Digital twins can even cover entire cities, districts, even islands. IES created an intelligent virtual model of the Orkney island, Eday, which identified a potential 76% energy saving using retrofit measures and battery storage for wind power.
In Formula One, engineers are forever searching for marginal gains. But there’s nothing marginal about 10-70% – that’s the great leap forward needed for a net zero world.
5 groundbreaking low-carbon buildings
Given the built environment’s role in reducing carbon emissions, these five projects showcase the solutions for a net zero carbon future
The software engineering centre in Shannon is Jaguar Land Rover’s hub for autonomous and next generation vehicle projects, where it will develop new technologies to support electrification and self-driving features on future Jaguar and Land Rover vehicles.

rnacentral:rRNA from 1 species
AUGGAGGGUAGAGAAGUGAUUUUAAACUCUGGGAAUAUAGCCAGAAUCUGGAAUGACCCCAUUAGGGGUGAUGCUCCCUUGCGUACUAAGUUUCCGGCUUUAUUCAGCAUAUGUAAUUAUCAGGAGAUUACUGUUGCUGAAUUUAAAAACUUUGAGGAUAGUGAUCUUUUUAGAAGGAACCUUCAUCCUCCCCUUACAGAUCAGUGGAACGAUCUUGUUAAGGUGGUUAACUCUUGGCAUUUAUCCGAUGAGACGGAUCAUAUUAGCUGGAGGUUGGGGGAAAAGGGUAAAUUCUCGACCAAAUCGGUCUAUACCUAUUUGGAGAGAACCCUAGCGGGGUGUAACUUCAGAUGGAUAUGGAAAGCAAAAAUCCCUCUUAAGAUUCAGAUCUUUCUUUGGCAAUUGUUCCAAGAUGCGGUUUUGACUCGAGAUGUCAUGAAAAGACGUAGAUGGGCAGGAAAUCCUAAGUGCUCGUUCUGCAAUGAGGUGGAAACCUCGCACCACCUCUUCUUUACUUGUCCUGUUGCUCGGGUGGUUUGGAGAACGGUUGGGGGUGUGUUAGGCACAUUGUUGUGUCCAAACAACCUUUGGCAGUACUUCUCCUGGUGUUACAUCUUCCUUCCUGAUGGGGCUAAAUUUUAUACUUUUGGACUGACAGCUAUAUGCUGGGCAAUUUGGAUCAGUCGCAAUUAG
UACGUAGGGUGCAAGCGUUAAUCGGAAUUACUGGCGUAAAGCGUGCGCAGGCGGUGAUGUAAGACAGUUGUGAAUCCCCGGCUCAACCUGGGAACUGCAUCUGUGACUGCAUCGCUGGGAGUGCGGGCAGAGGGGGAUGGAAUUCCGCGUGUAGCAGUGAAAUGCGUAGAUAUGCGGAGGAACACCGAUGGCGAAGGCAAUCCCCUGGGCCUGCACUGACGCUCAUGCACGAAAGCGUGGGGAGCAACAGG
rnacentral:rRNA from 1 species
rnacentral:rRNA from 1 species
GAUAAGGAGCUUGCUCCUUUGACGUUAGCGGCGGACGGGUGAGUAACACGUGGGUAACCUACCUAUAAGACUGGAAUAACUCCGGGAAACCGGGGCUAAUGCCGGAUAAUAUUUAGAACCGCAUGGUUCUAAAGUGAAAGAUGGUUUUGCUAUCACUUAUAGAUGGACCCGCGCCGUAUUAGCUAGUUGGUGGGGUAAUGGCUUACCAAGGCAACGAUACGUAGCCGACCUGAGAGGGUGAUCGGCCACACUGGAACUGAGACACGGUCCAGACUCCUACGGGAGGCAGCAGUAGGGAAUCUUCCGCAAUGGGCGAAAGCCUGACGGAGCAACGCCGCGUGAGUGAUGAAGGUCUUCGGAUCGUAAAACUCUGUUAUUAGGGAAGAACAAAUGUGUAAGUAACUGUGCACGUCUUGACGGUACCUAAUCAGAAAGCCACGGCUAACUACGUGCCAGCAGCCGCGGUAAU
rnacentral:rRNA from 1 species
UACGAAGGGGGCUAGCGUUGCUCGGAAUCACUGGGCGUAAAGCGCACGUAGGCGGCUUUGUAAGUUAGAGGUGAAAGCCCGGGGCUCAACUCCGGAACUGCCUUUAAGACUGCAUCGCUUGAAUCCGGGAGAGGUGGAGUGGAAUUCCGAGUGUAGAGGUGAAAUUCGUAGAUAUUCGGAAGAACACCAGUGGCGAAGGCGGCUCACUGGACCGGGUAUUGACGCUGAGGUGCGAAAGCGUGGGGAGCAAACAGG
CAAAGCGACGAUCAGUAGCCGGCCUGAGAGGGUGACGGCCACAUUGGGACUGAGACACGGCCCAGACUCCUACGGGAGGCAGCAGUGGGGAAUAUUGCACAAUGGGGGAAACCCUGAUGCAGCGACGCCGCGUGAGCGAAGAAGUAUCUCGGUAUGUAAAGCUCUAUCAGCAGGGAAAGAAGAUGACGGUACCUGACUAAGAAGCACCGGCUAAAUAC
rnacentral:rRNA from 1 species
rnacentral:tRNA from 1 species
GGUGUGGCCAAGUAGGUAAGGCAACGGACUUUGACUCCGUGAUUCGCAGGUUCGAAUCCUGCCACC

IES Consultants used VE software to analyse the performance of a four-storey office development consisting of a total occupied floor area of 4105 m² and a 3,100 m² warehouse and lab facility situated at the centre. Both projects were pursuing certification via LEED v4 Interior Design and Construction – Commercial Interiors.
After stringent assessment and modelling, and the analysis of a variety of energy efficiency measures (EEMs), both buildings were designed for high energy efficiency with each achieving energy cost savings of 24.5% and 28.9% respectively over ASHRAE 90.1 baseline.
EEMs employed in the office building include a heating ventilation and air conditioning (HVAC) system, fused connection units (FCUs) with outdoor air supplied by zone-level heat recovery units and hot water supplied via two high efficiency natural draft boilers, each with a heating capacity of 327kW.